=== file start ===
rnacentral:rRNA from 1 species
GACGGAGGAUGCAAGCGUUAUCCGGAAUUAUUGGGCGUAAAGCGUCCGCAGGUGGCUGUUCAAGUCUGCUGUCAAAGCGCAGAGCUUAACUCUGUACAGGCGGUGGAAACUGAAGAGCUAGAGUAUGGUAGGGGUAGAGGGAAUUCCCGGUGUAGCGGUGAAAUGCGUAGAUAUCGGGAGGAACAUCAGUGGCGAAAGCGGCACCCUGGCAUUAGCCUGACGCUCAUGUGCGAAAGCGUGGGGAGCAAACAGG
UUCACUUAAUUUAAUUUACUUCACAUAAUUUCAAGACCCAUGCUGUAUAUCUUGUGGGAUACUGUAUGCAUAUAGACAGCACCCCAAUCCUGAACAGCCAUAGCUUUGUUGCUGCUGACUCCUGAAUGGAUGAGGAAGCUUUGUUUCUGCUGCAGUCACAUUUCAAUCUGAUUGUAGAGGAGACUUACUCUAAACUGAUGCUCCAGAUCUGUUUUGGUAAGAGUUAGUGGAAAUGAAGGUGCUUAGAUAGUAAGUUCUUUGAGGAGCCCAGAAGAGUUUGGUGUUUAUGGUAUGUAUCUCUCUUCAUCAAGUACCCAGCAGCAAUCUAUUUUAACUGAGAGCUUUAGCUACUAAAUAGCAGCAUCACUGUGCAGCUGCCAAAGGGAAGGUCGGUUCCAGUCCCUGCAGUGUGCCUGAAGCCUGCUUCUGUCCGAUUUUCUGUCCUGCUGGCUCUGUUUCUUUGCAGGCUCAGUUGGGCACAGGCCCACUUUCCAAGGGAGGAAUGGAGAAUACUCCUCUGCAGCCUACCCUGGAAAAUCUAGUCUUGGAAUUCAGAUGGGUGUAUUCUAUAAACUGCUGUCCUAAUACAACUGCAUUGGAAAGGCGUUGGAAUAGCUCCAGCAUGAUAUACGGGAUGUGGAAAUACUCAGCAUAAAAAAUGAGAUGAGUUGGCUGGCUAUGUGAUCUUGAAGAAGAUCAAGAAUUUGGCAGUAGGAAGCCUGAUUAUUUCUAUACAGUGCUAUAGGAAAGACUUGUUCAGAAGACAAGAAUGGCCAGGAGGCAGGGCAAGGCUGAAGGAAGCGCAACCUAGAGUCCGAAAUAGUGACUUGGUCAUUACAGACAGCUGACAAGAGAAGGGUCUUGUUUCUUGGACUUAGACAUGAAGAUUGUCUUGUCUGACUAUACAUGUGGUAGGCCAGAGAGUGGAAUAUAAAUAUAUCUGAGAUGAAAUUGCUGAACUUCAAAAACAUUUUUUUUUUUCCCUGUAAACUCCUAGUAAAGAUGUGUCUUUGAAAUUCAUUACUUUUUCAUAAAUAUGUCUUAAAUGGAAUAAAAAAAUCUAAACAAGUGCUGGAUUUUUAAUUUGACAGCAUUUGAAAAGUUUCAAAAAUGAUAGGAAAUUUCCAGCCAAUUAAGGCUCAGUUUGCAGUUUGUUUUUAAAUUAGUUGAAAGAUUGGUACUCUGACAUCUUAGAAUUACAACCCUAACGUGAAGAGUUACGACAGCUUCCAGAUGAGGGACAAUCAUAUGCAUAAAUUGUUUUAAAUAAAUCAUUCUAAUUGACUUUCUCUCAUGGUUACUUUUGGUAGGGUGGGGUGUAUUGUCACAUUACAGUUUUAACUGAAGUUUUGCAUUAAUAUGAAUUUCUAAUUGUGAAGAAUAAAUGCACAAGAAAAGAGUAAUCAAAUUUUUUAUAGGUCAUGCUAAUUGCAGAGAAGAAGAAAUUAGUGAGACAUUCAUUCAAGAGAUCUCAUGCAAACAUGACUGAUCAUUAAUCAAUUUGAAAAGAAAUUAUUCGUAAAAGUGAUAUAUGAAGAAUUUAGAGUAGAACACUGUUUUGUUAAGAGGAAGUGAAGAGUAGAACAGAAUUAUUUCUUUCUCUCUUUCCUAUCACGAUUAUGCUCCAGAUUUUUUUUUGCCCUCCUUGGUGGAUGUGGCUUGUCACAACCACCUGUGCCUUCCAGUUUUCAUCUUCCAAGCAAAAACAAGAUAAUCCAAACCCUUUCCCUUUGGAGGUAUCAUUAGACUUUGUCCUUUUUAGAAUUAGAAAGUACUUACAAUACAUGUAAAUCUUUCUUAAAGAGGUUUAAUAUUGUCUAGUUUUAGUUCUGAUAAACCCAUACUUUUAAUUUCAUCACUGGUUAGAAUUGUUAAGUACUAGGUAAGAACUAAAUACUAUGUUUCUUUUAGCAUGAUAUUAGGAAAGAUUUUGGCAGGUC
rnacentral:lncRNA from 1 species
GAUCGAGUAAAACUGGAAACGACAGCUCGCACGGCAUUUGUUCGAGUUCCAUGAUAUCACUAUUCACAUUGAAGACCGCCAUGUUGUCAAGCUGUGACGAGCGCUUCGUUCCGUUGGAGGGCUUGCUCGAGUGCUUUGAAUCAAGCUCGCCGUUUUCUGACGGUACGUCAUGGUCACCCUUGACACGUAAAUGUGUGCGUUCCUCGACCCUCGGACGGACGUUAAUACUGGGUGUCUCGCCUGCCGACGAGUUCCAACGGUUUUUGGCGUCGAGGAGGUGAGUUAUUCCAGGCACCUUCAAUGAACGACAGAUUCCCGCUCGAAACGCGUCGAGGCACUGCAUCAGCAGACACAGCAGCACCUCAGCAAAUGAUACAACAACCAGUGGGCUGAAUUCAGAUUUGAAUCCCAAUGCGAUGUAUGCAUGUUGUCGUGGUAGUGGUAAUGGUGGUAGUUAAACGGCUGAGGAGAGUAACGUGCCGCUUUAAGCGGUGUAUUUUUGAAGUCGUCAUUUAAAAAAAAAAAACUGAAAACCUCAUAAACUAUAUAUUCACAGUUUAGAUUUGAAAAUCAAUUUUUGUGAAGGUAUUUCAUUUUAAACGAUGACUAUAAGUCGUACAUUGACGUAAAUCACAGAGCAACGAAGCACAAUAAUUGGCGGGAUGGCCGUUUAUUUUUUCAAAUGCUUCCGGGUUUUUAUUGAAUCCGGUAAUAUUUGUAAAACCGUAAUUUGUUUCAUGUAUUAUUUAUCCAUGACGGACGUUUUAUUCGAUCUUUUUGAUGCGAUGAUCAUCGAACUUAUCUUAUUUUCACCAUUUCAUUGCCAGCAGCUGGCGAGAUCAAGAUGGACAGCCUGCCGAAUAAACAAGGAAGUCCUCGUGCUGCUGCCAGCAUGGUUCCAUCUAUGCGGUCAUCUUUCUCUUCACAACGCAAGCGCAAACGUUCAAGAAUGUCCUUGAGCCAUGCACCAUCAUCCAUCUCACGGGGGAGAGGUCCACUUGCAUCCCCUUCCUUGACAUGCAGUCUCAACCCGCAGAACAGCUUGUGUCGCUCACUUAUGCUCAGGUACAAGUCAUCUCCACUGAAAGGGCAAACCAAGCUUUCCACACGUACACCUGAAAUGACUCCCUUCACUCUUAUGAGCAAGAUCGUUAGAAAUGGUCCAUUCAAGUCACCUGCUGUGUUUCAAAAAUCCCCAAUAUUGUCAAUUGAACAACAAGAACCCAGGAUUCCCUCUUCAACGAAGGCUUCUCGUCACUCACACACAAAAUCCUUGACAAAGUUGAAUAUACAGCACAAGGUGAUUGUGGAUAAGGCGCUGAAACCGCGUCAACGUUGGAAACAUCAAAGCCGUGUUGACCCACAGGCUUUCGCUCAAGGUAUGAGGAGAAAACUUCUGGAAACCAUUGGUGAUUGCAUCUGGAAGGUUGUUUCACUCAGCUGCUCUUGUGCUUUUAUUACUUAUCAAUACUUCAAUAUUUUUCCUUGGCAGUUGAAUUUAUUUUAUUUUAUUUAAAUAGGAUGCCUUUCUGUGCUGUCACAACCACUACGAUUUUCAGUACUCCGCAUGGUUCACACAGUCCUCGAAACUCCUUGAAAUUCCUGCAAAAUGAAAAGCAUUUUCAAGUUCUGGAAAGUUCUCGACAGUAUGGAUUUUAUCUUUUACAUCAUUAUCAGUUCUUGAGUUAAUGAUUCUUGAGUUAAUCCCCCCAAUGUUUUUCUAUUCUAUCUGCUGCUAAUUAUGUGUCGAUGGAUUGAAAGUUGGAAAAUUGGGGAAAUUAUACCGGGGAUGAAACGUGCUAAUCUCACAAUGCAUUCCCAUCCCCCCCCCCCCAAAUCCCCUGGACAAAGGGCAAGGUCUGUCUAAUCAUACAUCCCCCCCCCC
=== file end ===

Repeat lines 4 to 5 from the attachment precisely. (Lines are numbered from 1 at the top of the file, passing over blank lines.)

rnacentral:lncRNA from 1 species
GAUCGAGUAAAACUGGAAACGACAGCUCGCACGGCAUUUGUUCGAGUUCCAUGAUAUCACUAUUCACAUUGAAGACCGCCAUGUUGUCAAGCUGUGACGAGCGCUUCGUUCCGUUGGAGGGCUUGCUCGAGUGCUUUGAAUCAAGCUCGCCGUUUUCUGACGGUACGUCAUGGUCACCCUUGACACGUAAAUGUGUGCGUUCCUCGACCCUCGGACGGACGUUAAUACUGGGUGUCUCGCCUGCCGACGAGUUCCAACGGUUUUUGGCGUCGAGGAGGUGAGUUAUUCCAGGCACCUUCAAUGAACGACAGAUUCCCGCUCGAAACGCGUCGAGGCACUGCAUCAGCAGACACAGCAGCACCUCAGCAAAUGAUACAACAACCAGUGGGCUGAAUUCAGAUUUGAAUCCCAAUGCGAUGUAUGCAUGUUGUCGUGGUAGUGGUAAUGGUGGUAGUUAAACGGCUGAGGAGAGUAACGUGCCGCUUUAAGCGGUGUAUUUUUGAAGUCGUCAUUUAAAAAAAAAAAACUGAAAACCUCAUAAACUAUAUAUUCACAGUUUAGAUUUGAAAAUCAAUUUUUGUGAAGGUAUUUCAUUUUAAACGAUGACUAUAAGUCGUACAUUGACGUAAAUCACAGAGCAACGAAGCACAAUAAUUGGCGGGAUGGCCGUUUAUUUUUUCAAAUGCUUCCGGGUUUUUAUUGAAUCCGGUAAUAUUUGUAAAACCGUAAUUUGUUUCAUGUAUUAUUUAUCCAUGACGGACGUUUUAUUCGAUCUUUUUGAUGCGAUGAUCAUCGAACUUAUCUUAUUUUCACCAUUUCAUUGCCAGCAGCUGGCGAGAUCAAGAUGGACAGCCUGCCGAAUAAACAAGGAAGUCCUCGUGCUGCUGCCAGCAUGGUUCCAUCUAUGCGGUCAUCUUUCUCUUCACAACGCAAGCGCAAACGUUCAAGAAUGUCCUUGAGCCAUGCACCAUCAUCCAUCUCACGGGGGAGAGGUCCACUUGCAUCCCCUUCCUUGACAUGCAGUCUCAACCCGCAGAACAGCUUGUGUCGCUCACUUAUGCUCAGGUACAAGUCAUCUCCACUGAAAGGGCAAACCAAGCUUUCCACACGUACACCUGAAAUGACUCCCUUCACUCUUAUGAGCAAGAUCGUUAGAAAUGGUCCAUUCAAGUCACCUGCUGUGUUUCAAAAAUCCCCAAUAUUGUCAAUUGAACAACAAGAACCCAGGAUUCCCUCUUCAACGAAGGCUUCUCGUCACUCACACACAAAAUCCUUGACAAAGUUGAAUAUACAGCACAAGGUGAUUGUGGAUAAGGCGCUGAAACCGCGUCAACGUUGGAAACAUCAAAGCCGUGUUGACCCACAGGCUUUCGCUCAAGGUAUGAGGAGAAAACUUCUGGAAACCAUUGGUGAUUGCAUCUGGAAGGUUGUUUCACUCAGCUGCUCUUGUGCUUUUAUUACUUAUCAAUACUUCAAUAUUUUUCCUUGGCAGUUGAAUUUAUUUUAUUUUAUUUAAAUAGGAUGCCUUUCUGUGCUGUCACAACCACUACGAUUUUCAGUACUCCGCAUGGUUCACACAGUCCUCGAAACUCCUUGAAAUUCCUGCAAAAUGAAAAGCAUUUUCAAGUUCUGGAAAGUUCUCGACAGUAUGGAUUUUAUCUUUUACAUCAUUAUCAGUUCUUGAGUUAAUGAUUCUUGAGUUAAUCCCCCCAAUGUUUUUCUAUUCUAUCUGCUGCUAAUUAUGUGUCGAUGGAUUGAAAGUUGGAAAAUUGGGGAAAUUAUACCGGGGAUGAAACGUGCUAAUCUCACAAUGCAUUCCCAUCCCCCCCCCCCCAAAUCCCCUGGACAAAGGGCAAGGUCUGUCUAAUCAUACAUCCCCCCCCCC